New York's non-kosher water begins to bug the city's Orthodox Jews

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The Independent US

As home to Seinfeld , delis and the best bagels in the world, New York is indelibly linked to Jewish culture. But the Jews have made a shocking discovery: The city's water is not kosher.

As home to Seinfeld , delis and the best bagels in the world, New York is indelibly linked to Jewish culture. But the Jews have made a shocking discovery: The city's water is not kosher.

Two weeks ago, millimeter-long crustaceans known as copepods were discovered in the water. Although the tiny creatures pose no threat to public health, under Jewish law the eating of crustaceans, aquatic animals with skeletons outside their bodies, including shrimp, crabs and lobsters, is forbidden.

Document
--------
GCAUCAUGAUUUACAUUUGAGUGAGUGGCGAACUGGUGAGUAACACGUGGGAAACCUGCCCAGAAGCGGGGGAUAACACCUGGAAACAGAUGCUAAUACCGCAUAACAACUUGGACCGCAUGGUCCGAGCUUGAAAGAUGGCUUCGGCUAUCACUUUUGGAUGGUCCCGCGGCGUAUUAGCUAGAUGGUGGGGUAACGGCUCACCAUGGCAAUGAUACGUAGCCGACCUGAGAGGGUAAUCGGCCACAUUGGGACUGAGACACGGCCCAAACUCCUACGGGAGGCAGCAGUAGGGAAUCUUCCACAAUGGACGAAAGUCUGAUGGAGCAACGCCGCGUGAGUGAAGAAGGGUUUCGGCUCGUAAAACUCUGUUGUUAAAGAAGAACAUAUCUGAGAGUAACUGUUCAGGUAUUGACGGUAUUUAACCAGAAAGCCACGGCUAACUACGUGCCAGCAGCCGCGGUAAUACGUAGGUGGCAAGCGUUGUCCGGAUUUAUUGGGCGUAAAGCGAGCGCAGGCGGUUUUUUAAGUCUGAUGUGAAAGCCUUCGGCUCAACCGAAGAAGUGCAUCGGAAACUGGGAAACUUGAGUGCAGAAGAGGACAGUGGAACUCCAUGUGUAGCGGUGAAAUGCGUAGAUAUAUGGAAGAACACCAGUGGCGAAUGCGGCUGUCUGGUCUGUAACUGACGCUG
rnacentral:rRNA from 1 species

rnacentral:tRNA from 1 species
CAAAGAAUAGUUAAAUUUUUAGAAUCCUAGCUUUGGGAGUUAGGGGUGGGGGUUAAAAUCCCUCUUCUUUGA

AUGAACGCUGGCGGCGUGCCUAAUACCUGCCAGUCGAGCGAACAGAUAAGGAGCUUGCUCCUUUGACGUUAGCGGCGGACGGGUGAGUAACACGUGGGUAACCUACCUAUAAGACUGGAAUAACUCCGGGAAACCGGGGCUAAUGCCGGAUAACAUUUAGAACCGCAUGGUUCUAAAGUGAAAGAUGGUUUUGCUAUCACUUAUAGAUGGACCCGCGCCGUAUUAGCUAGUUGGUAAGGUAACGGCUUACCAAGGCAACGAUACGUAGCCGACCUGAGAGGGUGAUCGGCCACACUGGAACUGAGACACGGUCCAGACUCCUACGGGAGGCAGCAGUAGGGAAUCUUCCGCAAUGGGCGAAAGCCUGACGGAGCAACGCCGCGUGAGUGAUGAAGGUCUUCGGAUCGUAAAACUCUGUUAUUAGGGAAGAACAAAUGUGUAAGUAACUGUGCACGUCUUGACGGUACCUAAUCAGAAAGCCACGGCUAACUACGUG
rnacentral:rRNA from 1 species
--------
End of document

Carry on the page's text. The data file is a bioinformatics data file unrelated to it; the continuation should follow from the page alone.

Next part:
Sales of filters have rocketed in heavily Orthodox Brooklyn, and restaurants and bakeries were advised to further filter to ensure purity. "We hope the city will do something to purify and filter the water to accommodate a few hundred thousand Orthodox, observant Jews," Rabbi Abraham Zimmerman of the Orthodox Satmar sect said.

But the Department of Environmental Protection, which controls the reservoirs, said to eliminate the copepods would be impossible and the micro-organisms provide health benefits to the reservoirs. Two weeks ago, an Israeli company was accused of selling vegetables contaminated with insects, a violation of kosher laws. The company said the bugs were introduced when the produce was washed in New York water.

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